Comments (12)

Sharon Murchie said

at 11:18 am on Aug 7, 2019

Is this story Mary Shelley's re-creation of the origin tale? An attempt to understand a "god" who creates life?

Tyler Wargo said

at 11:15 pm on Aug 15, 2019

I think this book was written to help Mary cope with her own self in understanding life. If Shelley was as depressed as she was in real life as she was described, I think one can almost assume that she relates herself to the monster attempting to understand their feelings while the world around them just continues to go on. It's sort of poetic.

Sam Sanderson said

at 5:34 pm on Aug 7, 2019

I agree with your statement about page 85, it's quite evident that Frankenstein's creation longs to be human and to be accepted into society. However, he is seen as a fearsome monster simply because of how he looks, and by shunning him society is only going to turn him into the monster they see him as.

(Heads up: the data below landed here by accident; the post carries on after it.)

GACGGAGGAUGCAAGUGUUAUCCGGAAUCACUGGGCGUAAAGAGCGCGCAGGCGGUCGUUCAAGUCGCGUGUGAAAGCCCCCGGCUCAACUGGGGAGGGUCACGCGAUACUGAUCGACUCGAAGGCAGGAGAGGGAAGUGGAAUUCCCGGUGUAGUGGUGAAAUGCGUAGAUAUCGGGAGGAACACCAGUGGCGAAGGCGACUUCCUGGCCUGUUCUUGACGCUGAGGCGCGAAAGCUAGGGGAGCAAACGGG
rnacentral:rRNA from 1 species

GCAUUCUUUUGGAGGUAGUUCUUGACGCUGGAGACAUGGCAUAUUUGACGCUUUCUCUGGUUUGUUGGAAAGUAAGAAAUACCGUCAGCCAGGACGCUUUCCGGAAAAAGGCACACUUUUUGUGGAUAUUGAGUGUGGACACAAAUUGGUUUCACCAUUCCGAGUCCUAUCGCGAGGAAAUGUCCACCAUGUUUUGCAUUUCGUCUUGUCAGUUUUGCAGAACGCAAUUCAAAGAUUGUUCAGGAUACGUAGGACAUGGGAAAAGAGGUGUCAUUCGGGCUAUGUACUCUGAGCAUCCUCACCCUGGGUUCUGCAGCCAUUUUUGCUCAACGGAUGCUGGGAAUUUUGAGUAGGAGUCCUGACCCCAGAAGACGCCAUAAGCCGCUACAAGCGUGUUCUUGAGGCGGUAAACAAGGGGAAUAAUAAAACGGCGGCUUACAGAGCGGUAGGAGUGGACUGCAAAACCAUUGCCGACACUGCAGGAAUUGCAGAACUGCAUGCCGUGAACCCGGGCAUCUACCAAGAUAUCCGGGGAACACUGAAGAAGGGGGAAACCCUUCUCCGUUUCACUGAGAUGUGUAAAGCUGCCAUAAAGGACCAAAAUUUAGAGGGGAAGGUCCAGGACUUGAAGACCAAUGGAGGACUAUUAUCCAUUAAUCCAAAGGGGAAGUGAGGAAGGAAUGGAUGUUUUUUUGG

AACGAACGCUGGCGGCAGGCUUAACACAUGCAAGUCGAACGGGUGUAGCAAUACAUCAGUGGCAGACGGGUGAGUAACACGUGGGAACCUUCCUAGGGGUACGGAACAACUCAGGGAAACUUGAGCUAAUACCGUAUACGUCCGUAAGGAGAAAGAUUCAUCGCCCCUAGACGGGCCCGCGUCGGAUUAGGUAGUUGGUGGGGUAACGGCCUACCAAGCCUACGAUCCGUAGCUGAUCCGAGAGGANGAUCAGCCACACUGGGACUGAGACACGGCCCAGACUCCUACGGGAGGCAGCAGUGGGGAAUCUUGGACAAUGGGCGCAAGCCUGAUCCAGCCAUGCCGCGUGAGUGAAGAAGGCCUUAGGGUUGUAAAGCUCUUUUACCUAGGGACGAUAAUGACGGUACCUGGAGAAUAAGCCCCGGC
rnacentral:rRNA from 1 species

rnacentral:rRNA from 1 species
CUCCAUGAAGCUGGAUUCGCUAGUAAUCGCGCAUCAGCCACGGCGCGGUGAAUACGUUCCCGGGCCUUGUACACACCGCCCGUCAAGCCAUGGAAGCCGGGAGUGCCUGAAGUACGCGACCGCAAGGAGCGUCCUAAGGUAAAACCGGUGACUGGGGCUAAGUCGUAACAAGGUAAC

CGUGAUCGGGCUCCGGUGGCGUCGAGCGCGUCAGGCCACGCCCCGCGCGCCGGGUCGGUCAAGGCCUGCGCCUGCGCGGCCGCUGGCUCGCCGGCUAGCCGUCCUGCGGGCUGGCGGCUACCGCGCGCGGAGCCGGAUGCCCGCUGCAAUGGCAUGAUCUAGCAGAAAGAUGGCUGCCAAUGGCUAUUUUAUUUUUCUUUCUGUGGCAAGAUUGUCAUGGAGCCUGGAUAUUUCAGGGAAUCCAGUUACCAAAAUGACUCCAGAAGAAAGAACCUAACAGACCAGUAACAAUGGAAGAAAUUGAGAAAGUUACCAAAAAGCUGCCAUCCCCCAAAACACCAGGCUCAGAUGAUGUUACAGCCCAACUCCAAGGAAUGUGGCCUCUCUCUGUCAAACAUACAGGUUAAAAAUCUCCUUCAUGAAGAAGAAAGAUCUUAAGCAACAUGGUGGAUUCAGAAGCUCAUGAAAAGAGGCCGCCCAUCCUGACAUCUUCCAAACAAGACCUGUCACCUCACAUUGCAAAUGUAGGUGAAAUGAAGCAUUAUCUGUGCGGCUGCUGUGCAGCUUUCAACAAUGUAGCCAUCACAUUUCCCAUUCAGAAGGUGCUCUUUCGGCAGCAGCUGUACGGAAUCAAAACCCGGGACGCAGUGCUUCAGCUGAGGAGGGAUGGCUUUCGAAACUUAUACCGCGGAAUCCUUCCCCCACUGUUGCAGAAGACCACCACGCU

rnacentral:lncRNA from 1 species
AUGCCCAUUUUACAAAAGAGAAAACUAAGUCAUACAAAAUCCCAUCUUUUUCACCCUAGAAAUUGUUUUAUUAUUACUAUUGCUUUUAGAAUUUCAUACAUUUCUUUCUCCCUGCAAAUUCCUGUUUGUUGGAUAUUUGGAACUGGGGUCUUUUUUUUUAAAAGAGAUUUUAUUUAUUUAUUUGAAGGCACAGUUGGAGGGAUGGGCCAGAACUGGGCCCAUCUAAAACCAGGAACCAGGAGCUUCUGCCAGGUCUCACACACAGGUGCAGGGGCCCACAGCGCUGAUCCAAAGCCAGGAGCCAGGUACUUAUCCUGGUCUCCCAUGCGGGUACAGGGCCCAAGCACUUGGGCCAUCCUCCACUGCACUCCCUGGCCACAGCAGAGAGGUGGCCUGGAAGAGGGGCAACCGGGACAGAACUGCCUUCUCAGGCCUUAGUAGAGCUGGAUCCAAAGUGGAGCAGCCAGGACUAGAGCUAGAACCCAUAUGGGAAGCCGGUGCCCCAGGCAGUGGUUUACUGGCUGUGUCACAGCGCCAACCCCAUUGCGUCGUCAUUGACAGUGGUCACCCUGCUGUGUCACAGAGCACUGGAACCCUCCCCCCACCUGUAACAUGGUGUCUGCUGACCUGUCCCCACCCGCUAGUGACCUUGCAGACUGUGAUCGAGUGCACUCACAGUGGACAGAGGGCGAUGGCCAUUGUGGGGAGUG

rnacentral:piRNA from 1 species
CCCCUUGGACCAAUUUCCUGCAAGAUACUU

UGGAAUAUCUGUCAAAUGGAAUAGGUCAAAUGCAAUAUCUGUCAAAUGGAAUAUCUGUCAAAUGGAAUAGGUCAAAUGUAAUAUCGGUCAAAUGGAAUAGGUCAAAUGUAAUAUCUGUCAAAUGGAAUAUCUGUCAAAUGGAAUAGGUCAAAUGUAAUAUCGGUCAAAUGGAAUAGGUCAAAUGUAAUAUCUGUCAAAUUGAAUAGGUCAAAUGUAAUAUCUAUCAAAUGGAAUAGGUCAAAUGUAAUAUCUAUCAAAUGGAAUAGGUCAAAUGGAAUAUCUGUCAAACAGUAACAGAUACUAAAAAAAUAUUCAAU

Tyler Wargo said

at 10:54 pm on Aug 15, 2019

Exactly! It's not even as through Frankenstein's creation is that different from the rest of society either! His differences are so minor, only being physically different, from others that this automatic assumption that he must be a monster, and is to be shunned by society, is absurd. I definitely think you can relate this to today as well where society automatically creates prejudice just simply based on the appearances of others.

20clopez@... said

at 7:49 pm on Aug 11, 2019

For the page 137 quote, I totally agree. Frankenstein felt so horrible about how his creation went and killed so many people, including his own family. I actually feel really bad for Frankenstein because all he wanted to do was create this great thing... which he did, but it just backfired. Then, Frankenstein really just blamed himself, which I personally think is dumb. The monster had the capability to make his own choices, ut instead he chose to manipulate and give ultimatums to his creator. Like "Oh, it's YOUR job to decide whether I kill people or leave them alone." Like I said on mine, it's probably really difficult for Frankenstein to choose whether people live or die. The monster could choose to do good on his own, but instead he’s putting pressure and blame on Frankenstein

Tyler Wargo said

at 11:03 pm on Aug 15, 2019